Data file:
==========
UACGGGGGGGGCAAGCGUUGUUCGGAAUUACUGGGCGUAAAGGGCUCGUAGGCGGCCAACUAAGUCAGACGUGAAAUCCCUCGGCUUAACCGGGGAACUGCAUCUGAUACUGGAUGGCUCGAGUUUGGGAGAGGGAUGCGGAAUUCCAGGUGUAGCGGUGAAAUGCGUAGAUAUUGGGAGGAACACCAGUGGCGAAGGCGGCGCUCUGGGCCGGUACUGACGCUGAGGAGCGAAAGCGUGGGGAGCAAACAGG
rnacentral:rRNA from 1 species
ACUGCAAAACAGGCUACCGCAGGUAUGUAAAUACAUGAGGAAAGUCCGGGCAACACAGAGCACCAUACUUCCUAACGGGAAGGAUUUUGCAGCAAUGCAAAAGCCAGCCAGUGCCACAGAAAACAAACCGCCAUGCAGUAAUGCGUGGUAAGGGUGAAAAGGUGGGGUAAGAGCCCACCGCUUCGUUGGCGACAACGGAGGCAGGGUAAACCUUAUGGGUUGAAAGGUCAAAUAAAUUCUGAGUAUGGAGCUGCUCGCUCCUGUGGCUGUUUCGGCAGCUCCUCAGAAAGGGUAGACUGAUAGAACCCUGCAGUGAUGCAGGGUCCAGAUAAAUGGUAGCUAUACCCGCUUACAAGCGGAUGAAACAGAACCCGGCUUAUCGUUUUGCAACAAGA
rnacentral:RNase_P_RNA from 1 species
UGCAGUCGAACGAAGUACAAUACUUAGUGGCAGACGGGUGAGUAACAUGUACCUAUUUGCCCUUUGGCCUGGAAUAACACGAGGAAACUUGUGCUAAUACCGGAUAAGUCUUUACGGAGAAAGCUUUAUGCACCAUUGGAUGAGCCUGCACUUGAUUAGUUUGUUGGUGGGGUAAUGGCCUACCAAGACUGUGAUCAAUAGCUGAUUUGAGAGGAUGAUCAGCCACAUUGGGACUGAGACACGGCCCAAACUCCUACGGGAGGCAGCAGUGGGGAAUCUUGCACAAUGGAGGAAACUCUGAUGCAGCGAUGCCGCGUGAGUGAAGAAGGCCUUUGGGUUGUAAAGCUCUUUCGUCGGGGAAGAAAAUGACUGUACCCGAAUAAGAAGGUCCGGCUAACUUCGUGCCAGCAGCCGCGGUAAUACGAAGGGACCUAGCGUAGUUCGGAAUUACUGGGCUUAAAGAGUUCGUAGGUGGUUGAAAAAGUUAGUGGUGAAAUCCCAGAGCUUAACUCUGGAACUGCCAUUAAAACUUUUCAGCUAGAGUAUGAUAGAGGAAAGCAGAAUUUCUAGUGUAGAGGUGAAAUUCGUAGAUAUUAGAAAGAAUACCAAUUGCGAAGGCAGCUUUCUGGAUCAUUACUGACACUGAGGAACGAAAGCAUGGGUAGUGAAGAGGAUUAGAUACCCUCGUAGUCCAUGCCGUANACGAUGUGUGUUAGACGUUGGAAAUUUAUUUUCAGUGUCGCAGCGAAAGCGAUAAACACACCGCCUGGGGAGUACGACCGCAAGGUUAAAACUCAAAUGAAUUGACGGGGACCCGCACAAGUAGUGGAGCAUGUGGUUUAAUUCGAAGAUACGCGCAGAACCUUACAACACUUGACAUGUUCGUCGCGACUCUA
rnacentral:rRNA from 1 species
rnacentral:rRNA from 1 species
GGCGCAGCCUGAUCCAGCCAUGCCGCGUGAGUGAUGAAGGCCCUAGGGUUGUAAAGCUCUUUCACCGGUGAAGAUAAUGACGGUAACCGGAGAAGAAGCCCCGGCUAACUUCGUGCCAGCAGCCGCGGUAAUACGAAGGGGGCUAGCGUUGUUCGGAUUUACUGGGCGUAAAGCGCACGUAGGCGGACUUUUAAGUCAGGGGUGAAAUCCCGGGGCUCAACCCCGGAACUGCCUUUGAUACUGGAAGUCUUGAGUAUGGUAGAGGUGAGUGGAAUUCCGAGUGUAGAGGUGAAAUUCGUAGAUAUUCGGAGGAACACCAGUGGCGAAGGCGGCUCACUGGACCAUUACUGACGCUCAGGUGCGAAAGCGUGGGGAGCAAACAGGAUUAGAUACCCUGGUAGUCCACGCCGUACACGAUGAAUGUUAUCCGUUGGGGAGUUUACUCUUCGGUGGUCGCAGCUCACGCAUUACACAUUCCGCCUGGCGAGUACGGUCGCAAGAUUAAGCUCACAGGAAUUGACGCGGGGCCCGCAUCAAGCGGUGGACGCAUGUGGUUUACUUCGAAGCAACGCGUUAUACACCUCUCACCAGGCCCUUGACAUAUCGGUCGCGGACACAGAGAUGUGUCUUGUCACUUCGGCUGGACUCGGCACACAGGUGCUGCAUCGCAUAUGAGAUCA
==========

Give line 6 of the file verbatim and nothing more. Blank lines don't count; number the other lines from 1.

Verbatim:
rnacentral:rRNA from 1 species